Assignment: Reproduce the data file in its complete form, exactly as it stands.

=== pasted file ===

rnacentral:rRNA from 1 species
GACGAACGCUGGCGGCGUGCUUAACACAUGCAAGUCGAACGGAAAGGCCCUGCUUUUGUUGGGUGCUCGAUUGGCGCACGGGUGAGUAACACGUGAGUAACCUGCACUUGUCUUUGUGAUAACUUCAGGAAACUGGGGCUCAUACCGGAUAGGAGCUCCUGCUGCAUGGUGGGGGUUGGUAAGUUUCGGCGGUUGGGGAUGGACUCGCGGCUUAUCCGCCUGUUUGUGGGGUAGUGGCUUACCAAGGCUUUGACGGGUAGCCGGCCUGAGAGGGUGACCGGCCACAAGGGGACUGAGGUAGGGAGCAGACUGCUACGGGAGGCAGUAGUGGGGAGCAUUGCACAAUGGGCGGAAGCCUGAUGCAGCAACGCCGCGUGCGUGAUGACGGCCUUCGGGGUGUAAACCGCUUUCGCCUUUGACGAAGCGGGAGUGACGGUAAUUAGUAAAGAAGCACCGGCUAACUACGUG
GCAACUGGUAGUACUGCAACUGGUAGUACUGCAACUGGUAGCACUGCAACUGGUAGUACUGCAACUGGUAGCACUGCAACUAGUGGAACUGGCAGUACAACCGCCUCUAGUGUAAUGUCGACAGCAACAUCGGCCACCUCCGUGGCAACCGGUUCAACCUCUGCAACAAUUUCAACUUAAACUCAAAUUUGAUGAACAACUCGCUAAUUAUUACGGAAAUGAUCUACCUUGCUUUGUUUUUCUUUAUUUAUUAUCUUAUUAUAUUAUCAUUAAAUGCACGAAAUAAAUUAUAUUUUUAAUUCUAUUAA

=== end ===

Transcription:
rnacentral:rRNA from 1 species
GACGAACGCUGGCGGCGUGCUUAACACAUGCAAGUCGAACGGAAAGGCCCUGCUUUUGUUGGGUGCUCGAUUGGCGCACGGGUGAGUAACACGUGAGUAACCUGCACUUGUCUUUGUGAUAACUUCAGGAAACUGGGGCUCAUACCGGAUAGGAGCUCCUGCUGCAUGGUGGGGGUUGGUAAGUUUCGGCGGUUGGGGAUGGACUCGCGGCUUAUCCGCCUGUUUGUGGGGUAGUGGCUUACCAAGGCUUUGACGGGUAGCCGGCCUGAGAGGGUGACCGGCCACAAGGGGACUGAGGUAGGGAGCAGACUGCUACGGGAGGCAGUAGUGGGGAGCAUUGCACAAUGGGCGGAAGCCUGAUGCAGCAACGCCGCGUGCGUGAUGACGGCCUUCGGGGUGUAAACCGCUUUCGCCUUUGACGAAGCGGGAGUGACGGUAAUUAGUAAAGAAGCACCGGCUAACUACGUG
GCAACUGGUAGUACUGCAACUGGUAGUACUGCAACUGGUAGCACUGCAACUGGUAGUACUGCAACUGGUAGCACUGCAACUAGUGGAACUGGCAGUACAACCGCCUCUAGUGUAAUGUCGACAGCAACAUCGGCCACCUCCGUGGCAACCGGUUCAACCUCUGCAACAAUUUCAACUUAAACUCAAAUUUGAUGAACAACUCGCUAAUUAUUACGGAAAUGAUCUACCUUGCUUUGUUUUUCUUUAUUUAUUAUCUUAUUAUAUUAUCAUUAAAUGCACGAAAUAAAUUAUAUUUUUAAUUCUAUUAA